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  • 23-September-2021

    English

    Making Dispute Resolution More Effective – MAP Peer Review Report, Indonesia (Stage 2) - Inclusive Framework on BEPS: Action 14

    Under Action 14, countries have committed to implement a minimum standard to strengthen the effectiveness and efficiency of the mutual agreement procedure (MAP). The MAP is included in Article 25 of the OECD Model Tax Convention and commits countries to endeavour to resolve disputes related to the interpretation and application of tax treaties. The Action 14 Minimum Standard has been translated into specific terms of reference and a methodology for the peer review and monitoring process. The peer review process is conducted in two stages. Stage 1 assesses countries against the terms of reference of the minimum standard according to an agreed schedule of review. Stage 2 focuses on monitoring the follow-up of any recommendations resulting from jurisdictions' stage 1 peer review report. This report reflects the outcome of the stage 2 peer monitoring of the implementation of the Action 14 Minimum Standard by Indonesia.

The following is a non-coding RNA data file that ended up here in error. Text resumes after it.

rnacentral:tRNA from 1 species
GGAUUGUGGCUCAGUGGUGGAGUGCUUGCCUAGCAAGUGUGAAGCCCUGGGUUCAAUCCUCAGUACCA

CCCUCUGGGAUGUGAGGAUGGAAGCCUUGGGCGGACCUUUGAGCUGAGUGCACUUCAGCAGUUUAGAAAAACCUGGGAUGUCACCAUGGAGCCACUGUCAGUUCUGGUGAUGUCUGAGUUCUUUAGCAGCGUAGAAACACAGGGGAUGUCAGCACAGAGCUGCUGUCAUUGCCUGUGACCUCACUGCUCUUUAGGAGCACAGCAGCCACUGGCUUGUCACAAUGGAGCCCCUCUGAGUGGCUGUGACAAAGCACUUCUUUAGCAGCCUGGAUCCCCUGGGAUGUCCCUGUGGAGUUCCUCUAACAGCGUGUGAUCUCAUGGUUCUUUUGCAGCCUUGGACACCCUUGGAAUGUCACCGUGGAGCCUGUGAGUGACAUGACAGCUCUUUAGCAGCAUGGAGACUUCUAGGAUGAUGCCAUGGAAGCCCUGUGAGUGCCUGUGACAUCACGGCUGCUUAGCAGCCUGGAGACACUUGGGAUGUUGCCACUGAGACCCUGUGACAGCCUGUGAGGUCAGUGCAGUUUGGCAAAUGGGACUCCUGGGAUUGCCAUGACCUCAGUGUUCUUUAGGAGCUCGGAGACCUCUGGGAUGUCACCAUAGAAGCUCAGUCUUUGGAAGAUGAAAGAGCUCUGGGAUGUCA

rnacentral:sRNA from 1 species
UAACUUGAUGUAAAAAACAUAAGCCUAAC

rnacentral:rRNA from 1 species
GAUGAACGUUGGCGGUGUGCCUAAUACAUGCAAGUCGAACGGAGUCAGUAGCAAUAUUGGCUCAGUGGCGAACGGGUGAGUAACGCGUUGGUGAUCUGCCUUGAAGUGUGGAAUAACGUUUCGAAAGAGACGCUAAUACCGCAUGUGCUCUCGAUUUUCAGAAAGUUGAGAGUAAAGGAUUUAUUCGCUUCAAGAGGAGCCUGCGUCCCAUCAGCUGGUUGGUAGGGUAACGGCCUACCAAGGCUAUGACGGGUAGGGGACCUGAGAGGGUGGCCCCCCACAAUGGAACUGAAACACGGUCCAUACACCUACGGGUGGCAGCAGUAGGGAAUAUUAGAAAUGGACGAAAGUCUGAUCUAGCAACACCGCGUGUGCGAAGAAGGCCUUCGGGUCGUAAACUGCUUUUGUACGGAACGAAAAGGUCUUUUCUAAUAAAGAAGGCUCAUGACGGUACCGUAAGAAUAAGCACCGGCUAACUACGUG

• 8-September-2021

    English

    OECD/Korea Policy Centre – Health and Social Policy Programmes

    The OECD/Korea Policy Centre fosters the exchange of technical information and policy experiences relating to the Asia Pacific region in areas such as health statistics, pension reforms and social policy and expenditure.

  • 21-July-2021

    English

    Revenue Statistics in Asia and the Pacific 2021 - Emerging Challenges for the Asia-Pacific Region in the COVID-19 Era